A day in the life of an environmental educator
Last week I had the amazing opportunity to travel to Sooke and teach students at both John Muir Elementary School and École Poirier Elementary School. I wanted to share some stories about my experience teaching these kids out in nature.
During my first program at John Muir Elementary we played a well-loved game called Forest Frenzy. Kids love it because they have to move fast and they get to run and roll around in the grass. With the next class we went on a seed and plant scavenger hunt into a nearby forest. We discovered that our feet get wet when we try to jump over the creek. We also learned that there are lots of introduced, non-native plants in this forest.
During my visit to École Poirier Elementary School I was introduced to “Grand-Mère” by one of the kindergarten classes. This Grandmother tree is a well-established maple tree growing within a short walk from their school.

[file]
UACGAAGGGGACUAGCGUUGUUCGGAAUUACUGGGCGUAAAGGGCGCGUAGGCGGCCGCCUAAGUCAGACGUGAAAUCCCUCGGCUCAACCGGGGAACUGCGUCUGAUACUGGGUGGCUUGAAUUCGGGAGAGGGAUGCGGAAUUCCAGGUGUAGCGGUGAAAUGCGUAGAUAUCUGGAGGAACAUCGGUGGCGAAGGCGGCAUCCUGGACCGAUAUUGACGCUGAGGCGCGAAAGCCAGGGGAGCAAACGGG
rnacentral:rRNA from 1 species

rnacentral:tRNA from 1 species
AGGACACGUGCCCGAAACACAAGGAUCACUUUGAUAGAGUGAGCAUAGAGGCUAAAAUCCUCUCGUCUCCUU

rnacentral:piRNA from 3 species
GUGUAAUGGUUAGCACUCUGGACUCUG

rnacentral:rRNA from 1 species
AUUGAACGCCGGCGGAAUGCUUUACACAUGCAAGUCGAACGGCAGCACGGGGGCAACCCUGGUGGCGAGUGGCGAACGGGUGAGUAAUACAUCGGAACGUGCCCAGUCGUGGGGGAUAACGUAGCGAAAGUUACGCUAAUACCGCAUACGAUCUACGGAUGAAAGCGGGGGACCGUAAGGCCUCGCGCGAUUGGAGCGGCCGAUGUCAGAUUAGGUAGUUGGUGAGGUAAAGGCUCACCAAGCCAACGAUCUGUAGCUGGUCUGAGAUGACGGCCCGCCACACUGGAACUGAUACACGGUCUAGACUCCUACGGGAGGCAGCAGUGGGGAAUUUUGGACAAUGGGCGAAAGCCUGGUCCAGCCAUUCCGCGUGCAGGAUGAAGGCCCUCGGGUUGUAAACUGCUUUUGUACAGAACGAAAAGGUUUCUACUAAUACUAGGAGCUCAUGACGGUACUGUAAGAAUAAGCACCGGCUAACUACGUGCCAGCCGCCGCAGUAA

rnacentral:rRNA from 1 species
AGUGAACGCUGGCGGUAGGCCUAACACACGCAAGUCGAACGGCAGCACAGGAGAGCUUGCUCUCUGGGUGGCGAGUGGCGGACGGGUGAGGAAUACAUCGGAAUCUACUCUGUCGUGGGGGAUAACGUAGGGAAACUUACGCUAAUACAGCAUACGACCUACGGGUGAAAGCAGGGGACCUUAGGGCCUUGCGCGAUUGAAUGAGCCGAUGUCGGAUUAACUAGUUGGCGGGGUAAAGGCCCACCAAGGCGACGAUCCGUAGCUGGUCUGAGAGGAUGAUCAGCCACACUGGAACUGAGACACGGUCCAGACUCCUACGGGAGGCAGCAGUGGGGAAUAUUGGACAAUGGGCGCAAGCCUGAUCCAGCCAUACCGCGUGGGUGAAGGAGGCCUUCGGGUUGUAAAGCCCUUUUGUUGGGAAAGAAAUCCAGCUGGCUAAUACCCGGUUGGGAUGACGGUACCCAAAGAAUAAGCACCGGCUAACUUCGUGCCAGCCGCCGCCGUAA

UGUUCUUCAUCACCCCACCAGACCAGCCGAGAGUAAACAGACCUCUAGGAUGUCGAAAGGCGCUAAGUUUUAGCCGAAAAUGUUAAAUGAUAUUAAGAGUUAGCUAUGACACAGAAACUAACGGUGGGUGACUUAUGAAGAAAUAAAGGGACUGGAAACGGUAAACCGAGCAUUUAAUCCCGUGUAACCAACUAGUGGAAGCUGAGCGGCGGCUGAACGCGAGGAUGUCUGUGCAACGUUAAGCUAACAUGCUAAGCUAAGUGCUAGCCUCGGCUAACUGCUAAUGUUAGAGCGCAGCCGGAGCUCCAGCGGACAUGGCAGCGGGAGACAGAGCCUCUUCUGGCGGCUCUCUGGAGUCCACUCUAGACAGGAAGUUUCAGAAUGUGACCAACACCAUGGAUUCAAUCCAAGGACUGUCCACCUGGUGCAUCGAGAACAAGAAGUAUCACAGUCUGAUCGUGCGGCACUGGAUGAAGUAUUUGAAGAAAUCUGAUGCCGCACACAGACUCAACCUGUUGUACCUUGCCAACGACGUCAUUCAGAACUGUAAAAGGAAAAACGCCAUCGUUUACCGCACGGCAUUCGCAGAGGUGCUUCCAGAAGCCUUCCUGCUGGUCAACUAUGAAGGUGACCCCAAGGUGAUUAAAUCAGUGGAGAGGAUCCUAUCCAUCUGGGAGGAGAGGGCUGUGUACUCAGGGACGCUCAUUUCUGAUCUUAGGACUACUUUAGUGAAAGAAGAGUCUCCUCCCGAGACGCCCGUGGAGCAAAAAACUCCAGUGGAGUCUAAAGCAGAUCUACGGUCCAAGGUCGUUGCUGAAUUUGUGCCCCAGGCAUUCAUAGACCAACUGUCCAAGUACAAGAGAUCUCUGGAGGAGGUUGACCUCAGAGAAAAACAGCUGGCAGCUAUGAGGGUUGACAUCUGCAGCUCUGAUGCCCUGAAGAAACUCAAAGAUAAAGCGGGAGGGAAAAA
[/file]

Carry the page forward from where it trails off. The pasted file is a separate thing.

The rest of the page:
I was impressed to see that classes at École Poirier already go outside each day to explore nature in their own community. They make new and exciting observations every time.
Being encouraged to play and explore in nature enables children to become aware that they too are a part of the natural world. Nature based time is invaluable to students’ development and awareness of life. It increases their comfort levels in nature, as well as their abilities to overcome challenges and succeed in their everyday lives.
This is something I hope that all children will have the chance to experience and is what I try to foster for each student I work with through our Sierra Club BC education programs.
Kirsten Dallimore is an environmental educator with Sierra Club BC. Learn more about her work here and here.